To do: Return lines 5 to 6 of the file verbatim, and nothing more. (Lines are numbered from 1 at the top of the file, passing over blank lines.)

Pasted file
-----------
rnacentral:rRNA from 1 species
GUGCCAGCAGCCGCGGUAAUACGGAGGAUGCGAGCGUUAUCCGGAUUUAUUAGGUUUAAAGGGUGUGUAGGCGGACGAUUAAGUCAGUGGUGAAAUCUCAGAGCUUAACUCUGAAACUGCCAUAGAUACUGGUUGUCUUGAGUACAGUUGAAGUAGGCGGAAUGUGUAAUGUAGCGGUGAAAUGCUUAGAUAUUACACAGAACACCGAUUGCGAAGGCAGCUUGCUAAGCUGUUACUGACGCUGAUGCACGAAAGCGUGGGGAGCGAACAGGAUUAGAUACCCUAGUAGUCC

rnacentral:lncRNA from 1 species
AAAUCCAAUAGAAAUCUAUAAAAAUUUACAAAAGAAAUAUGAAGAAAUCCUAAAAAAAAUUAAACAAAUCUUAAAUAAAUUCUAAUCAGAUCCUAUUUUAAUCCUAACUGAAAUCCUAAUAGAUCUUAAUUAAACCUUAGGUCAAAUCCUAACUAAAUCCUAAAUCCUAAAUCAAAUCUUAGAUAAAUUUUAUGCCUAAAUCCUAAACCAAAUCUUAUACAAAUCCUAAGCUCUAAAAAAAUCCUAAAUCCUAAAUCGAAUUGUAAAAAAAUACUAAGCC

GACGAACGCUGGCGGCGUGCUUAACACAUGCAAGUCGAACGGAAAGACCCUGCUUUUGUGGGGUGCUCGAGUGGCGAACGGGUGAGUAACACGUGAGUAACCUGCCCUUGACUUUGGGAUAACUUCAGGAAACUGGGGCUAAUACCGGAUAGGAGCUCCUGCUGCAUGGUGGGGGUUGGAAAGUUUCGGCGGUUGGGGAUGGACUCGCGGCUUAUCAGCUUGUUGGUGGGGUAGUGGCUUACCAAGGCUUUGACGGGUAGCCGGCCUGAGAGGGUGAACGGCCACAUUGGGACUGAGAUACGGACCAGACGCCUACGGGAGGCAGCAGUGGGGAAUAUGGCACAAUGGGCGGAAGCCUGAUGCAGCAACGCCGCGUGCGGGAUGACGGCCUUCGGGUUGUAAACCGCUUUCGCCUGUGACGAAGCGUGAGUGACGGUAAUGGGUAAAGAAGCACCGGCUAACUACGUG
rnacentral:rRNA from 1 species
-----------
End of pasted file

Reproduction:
GACGAACGCUGGCGGCGUGCUUAACACAUGCAAGUCGAACGGAAAGACCCUGCUUUUGUGGGGUGCUCGAGUGGCGAACGGGUGAGUAACACGUGAGUAACCUGCCCUUGACUUUGGGAUAACUUCAGGAAACUGGGGCUAAUACCGGAUAGGAGCUCCUGCUGCAUGGUGGGGGUUGGAAAGUUUCGGCGGUUGGGGAUGGACUCGCGGCUUAUCAGCUUGUUGGUGGGGUAGUGGCUUACCAAGGCUUUGACGGGUAGCCGGCCUGAGAGGGUGAACGGCCACAUUGGGACUGAGAUACGGACCAGACGCCUACGGGAGGCAGCAGUGGGGAAUAUGGCACAAUGGGCGGAAGCCUGAUGCAGCAACGCCGCGUGCGGGAUGACGGCCUUCGGGUUGUAAACCGCUUUCGCCUGUGACGAAGCGUGAGUGACGGUAAUGGGUAAAGAAGCACCGGCUAACUACGUG
rnacentral:rRNA from 1 species